• Super-Powered Robot Meter Maids: Even more peaceful grazing machines are equipped with rotor blades, chainsaws, and drills for self-defense. This actually applies to all of the machines since their primary function is to restore the environment; Snapmaws are meant to decontaminate water, Glinthawks are meant to maintain the atmosphere, etc. Presumably, they're all given the ability to defend themselves while they carry out their jobs, and ever since the Derangement their AI has been improving that as well as making several new machines just for combat.
  • Trampled Underfoot: Virtually every machine except for Watchers, Glinthawks, and Snapmaws can attack you by charging you and attempting to stomp you into the ground. It's bad when a Strider does this. It's really bad when a Trampler does it. Under no circumstances do you ever want a Behemoth or Thunderjaw to do it.
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    Tallneck 
https://static.tvtropes.org/pmwiki/pub/images/tallneck_render.png

Machines that are at LEAST as tall as a five-story building (judging by nearby ruins), if not taller. Players have compared Tallnecks to giraffes or long-neck sauropods such as Brachiosaurus, Apatosaurus and Brontosaurus.


  • Army Scout: The Tallneck's purpose is meant to be a Walking the Earth communications hub; sending messages to other machines, and recording detailed maps of the area.
  • Gentle Giant: The biggest of the machines, and one of the most docile; it doesn't seem to care (or even realise) that a human is treating it like it's a moving rock wall.
  • Impossibly Graceful Giant: For being a very, very large machine, the Tallnecks move as easily and daintily around the environment as ballerinas.
  • Trampled Underfoot: Tallnecks aren't aggressive. But they're also not about to stop or deviate from their path just because some tiny, squishable human happens to be in their way.

    Watcher 
https://static.tvtropes.org/pmwiki/pub/images/watcher_render_4.png

One of the first machines seen in the game. They often act as sentries to other groups of machines, warning them and then attacking the threat as a first line of defense. Watchers could be compared to the Theropoda order of dinosaurs, with their large hind legs (they're basically Velociraptors, just without the forelegs).


  • Armless Biped: They largely resemble raptorial dinosaurs or ground birds with no forelimbs.
  • Blinded by the Light: Can set off a Glare Attack to temporarily stun the player.
  • Boom, Headshot!: All machines take increased damage from direct hits to their eyes, but a Watcher will die instantly when hit there, even by a Hunter's Arrow.
  • Fragile Speedster: One of the weakest of the machines. If the player isn't expecting them, though, Watchers can deal some damage before the player can get out of the way.
  • The Goomba: The first machine you'll encounter, the easiest to kill, and the one with the most basic attack patterns.

    Redeye Watcher 
https://static.tvtropes.org/pmwiki/pub/images/redeye_watcher_render.png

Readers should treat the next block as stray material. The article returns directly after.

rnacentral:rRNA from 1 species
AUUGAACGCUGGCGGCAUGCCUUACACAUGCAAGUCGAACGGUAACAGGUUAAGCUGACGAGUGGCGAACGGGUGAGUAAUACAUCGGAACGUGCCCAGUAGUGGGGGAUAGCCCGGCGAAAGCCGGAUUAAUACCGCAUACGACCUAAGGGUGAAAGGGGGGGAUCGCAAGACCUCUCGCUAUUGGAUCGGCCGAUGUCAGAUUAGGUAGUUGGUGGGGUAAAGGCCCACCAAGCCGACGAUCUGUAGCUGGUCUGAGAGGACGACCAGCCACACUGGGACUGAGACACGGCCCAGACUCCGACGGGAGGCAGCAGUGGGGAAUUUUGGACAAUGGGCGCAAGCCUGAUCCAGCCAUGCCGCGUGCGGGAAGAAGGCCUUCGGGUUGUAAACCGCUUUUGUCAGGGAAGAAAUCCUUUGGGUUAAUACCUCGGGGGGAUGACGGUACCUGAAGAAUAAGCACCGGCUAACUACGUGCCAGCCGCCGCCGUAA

An upgraded version of the Watcher, it has heavier armor and replaces its glare attack with a laser.


  • Eye Beams: Fires a laser out of its eye instead of the Watcher's blinding Glare attack.
  • Midseason Upgrade: It's a moderately tougher Watcher with one new trick. It still falls from one Silent Strike, though.

    Strider 
https://static.tvtropes.org/pmwiki/pub/images/strider_render_8.png

One of the first machines in the game, both to hunt and to ride. Resembles a horse in looks and behavior, and often moves in packs with other Striders.


    Grazer 
https://static.tvtropes.org/pmwiki/pub/images/grazer_render.png

A generally docile machine that resembles a deer thanks to its antlers, its habit of grazing in packs, and its fleeing-from-hunters skills.


  • Chainsaw Good: It has circular saws for horns. Usually uses them to dig with, but it will employ them against Aloy if she gets too close.
  • Cowardly Mooks: A grazer will usually run if it sees you. Emphasis on usually; sometimes it will attack, often if you're not looking at it.
  • Made of Incendium: Hit the fuel tanks on their backs with a fire arrow, then sit back and wait — the Grazer will explode in a huge fireball, often catching other Grazers nearby and setting off an explosive chain reaction.
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    Sawtooth 
https://static.tvtropes.org/pmwiki/pub/images/sawtooth.png

One of the first "agressive" machines that will attack humans on sight. The appearance of Sawtooths are very similar to big cats, like saber-toothed tigers.


  • Lightning Bruiser: It's big, it hits like a truck, and moves like the wind.
  • Panthera Awesome: A robotic sabretooth cat and the first truly challenging machine Aloy comes up against.
  • Starts Stealthily, Ends Loudly: Fighting Sawtooths often leads to this.
  • Stealthy Colossus: For its size, it can be TERRIFYINGLY quiet.
  • Wake-Up Call Boss: A Sawtooth will serve as the first enemy Aloy faces that can't just be one-shotted with a well-aimed arrow or stealth attack. It's a lot more durable than the Watchers and Striders faced beforehand, and its weak points are not as obvious and harder to hit. Stealth, combat finesse, and clever use of tools will be required to bring it down.